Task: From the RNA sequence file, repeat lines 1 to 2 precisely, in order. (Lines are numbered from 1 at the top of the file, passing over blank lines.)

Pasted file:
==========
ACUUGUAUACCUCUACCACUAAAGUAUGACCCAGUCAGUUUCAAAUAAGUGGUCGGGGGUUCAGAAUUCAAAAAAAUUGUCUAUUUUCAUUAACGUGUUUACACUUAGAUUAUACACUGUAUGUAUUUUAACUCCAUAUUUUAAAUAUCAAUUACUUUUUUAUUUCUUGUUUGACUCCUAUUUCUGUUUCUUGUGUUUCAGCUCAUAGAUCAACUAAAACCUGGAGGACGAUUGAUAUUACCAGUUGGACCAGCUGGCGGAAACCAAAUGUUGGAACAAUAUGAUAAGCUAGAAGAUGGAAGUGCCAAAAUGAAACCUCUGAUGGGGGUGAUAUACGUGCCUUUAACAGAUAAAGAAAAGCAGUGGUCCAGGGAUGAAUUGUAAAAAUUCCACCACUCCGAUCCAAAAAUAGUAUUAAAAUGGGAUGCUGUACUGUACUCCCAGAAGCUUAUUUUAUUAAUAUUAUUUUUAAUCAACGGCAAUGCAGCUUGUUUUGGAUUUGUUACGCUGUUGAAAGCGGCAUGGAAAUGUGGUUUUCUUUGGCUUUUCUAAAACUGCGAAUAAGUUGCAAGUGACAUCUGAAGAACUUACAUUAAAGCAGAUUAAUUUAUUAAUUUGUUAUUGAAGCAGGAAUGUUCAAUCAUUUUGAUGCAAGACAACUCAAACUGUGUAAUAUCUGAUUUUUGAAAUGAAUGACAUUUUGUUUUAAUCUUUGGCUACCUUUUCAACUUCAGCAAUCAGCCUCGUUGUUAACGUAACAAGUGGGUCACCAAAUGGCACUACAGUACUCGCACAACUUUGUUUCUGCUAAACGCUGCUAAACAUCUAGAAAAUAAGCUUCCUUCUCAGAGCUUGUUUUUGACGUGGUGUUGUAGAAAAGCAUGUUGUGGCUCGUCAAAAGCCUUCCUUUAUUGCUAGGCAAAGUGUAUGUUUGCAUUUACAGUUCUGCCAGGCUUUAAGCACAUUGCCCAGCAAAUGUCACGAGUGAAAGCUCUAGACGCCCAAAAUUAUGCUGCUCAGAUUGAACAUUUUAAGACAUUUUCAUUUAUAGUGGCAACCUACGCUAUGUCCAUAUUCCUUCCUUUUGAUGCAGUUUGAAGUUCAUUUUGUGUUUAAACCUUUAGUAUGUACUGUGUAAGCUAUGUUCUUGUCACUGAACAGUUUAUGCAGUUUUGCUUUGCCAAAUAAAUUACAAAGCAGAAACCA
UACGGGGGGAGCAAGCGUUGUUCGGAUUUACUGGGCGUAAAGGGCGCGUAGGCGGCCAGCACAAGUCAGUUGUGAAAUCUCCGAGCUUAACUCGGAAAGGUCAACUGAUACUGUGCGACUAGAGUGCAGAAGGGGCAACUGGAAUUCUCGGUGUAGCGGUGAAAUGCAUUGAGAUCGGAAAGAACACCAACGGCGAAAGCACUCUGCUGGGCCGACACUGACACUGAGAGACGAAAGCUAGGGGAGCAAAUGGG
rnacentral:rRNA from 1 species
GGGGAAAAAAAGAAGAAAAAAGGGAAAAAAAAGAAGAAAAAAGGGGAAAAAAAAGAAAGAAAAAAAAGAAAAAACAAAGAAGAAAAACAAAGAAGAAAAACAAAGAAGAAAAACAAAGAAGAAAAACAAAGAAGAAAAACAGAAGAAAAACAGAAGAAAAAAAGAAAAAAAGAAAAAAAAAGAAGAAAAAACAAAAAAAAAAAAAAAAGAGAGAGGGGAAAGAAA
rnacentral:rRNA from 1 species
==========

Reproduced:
ACUUGUAUACCUCUACCACUAAAGUAUGACCCAGUCAGUUUCAAAUAAGUGGUCGGGGGUUCAGAAUUCAAAAAAAUUGUCUAUUUUCAUUAACGUGUUUACACUUAGAUUAUACACUGUAUGUAUUUUAACUCCAUAUUUUAAAUAUCAAUUACUUUUUUAUUUCUUGUUUGACUCCUAUUUCUGUUUCUUGUGUUUCAGCUCAUAGAUCAACUAAAACCUGGAGGACGAUUGAUAUUACCAGUUGGACCAGCUGGCGGAAACCAAAUGUUGGAACAAUAUGAUAAGCUAGAAGAUGGAAGUGCCAAAAUGAAACCUCUGAUGGGGGUGAUAUACGUGCCUUUAACAGAUAAAGAAAAGCAGUGGUCCAGGGAUGAAUUGUAAAAAUUCCACCACUCCGAUCCAAAAAUAGUAUUAAAAUGGGAUGCUGUACUGUACUCCCAGAAGCUUAUUUUAUUAAUAUUAUUUUUAAUCAACGGCAAUGCAGCUUGUUUUGGAUUUGUUACGCUGUUGAAAGCGGCAUGGAAAUGUGGUUUUCUUUGGCUUUUCUAAAACUGCGAAUAAGUUGCAAGUGACAUCUGAAGAACUUACAUUAAAGCAGAUUAAUUUAUUAAUUUGUUAUUGAAGCAGGAAUGUUCAAUCAUUUUGAUGCAAGACAACUCAAACUGUGUAAUAUCUGAUUUUUGAAAUGAAUGACAUUUUGUUUUAAUCUUUGGCUACCUUUUCAACUUCAGCAAUCAGCCUCGUUGUUAACGUAACAAGUGGGUCACCAAAUGGCACUACAGUACUCGCACAACUUUGUUUCUGCUAAACGCUGCUAAACAUCUAGAAAAUAAGCUUCCUUCUCAGAGCUUGUUUUUGACGUGGUGUUGUAGAAAAGCAUGUUGUGGCUCGUCAAAAGCCUUCCUUUAUUGCUAGGCAAAGUGUAUGUUUGCAUUUACAGUUCUGCCAGGCUUUAAGCACAUUGCCCAGCAAAUGUCACGAGUGAAAGCUCUAGACGCCCAAAAUUAUGCUGCUCAGAUUGAACAUUUUAAGACAUUUUCAUUUAUAGUGGCAACCUACGCUAUGUCCAUAUUCCUUCCUUUUGAUGCAGUUUGAAGUUCAUUUUGUGUUUAAACCUUUAGUAUGUACUGUGUAAGCUAUGUUCUUGUCACUGAACAGUUUAUGCAGUUUUGCUUUGCCAAAUAAAUUACAAAGCAGAAACCA
UACGGGGGGAGCAAGCGUUGUUCGGAUUUACUGGGCGUAAAGGGCGCGUAGGCGGCCAGCACAAGUCAGUUGUGAAAUCUCCGAGCUUAACUCGGAAAGGUCAACUGAUACUGUGCGACUAGAGUGCAGAAGGGGCAACUGGAAUUCUCGGUGUAGCGGUGAAAUGCAUUGAGAUCGGAAAGAACACCAACGGCGAAAGCACUCUGCUGGGCCGACACUGACACUGAGAGACGAAAGCUAGGGGAGCAAAUGGG